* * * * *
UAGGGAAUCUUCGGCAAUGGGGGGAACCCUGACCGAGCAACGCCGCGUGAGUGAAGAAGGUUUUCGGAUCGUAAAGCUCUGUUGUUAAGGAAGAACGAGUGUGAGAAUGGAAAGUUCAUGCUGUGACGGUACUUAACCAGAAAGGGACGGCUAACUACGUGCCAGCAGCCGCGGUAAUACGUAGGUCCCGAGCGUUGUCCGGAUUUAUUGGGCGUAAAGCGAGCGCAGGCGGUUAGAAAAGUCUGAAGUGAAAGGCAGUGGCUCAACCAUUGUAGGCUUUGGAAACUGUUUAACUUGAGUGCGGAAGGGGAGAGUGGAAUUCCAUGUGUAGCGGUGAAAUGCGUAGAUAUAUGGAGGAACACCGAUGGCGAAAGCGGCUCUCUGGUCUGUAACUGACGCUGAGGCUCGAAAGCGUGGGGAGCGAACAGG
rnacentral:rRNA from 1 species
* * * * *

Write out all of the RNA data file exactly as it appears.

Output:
UAGGGAAUCUUCGGCAAUGGGGGGAACCCUGACCGAGCAACGCCGCGUGAGUGAAGAAGGUUUUCGGAUCGUAAAGCUCUGUUGUUAAGGAAGAACGAGUGUGAGAAUGGAAAGUUCAUGCUGUGACGGUACUUAACCAGAAAGGGACGGCUAACUACGUGCCAGCAGCCGCGGUAAUACGUAGGUCCCGAGCGUUGUCCGGAUUUAUUGGGCGUAAAGCGAGCGCAGGCGGUUAGAAAAGUCUGAAGUGAAAGGCAGUGGCUCAACCAUUGUAGGCUUUGGAAACUGUUUAACUUGAGUGCGGAAGGGGAGAGUGGAAUUCCAUGUGUAGCGGUGAAAUGCGUAGAUAUAUGGAGGAACACCGAUGGCGAAAGCGGCUCUCUGGUCUGUAACUGACGCUGAGGCUCGAAAGCGUGGGGAGCGAACAGG
rnacentral:rRNA from 1 species